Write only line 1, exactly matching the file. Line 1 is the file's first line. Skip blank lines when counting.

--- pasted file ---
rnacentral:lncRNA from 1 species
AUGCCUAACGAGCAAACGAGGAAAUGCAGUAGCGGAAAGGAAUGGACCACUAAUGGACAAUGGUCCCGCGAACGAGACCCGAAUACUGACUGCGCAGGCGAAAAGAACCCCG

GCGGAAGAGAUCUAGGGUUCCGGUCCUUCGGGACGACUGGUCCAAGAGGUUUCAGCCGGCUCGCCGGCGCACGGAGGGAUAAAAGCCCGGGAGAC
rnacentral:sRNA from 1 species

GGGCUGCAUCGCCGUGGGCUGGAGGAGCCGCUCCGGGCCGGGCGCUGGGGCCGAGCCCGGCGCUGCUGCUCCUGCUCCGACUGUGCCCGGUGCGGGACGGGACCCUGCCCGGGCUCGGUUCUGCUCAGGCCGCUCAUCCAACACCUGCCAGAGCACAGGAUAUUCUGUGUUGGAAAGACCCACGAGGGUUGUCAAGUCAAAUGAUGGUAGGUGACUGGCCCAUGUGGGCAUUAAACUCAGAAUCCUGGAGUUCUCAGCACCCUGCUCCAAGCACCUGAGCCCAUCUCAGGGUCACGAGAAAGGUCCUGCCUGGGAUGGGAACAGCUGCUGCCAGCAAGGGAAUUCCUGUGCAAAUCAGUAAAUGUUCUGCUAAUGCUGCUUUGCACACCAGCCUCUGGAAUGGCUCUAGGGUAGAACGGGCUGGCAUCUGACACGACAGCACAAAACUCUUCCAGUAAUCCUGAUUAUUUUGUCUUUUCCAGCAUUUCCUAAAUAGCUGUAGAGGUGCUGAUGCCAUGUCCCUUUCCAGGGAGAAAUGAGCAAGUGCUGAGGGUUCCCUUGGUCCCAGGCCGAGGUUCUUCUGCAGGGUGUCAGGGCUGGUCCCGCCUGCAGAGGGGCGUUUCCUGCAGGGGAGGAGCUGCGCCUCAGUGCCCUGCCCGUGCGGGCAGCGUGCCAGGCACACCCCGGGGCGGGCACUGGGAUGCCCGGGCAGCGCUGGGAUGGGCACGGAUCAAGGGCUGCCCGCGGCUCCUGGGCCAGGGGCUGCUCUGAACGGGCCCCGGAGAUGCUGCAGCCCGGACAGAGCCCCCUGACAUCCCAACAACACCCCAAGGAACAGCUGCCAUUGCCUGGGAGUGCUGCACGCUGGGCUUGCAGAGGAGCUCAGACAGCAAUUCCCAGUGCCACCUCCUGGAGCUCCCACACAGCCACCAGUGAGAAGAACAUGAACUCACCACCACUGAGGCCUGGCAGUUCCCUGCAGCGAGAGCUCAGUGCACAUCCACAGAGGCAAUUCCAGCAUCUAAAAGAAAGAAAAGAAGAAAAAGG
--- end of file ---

rnacentral:lncRNA from 1 species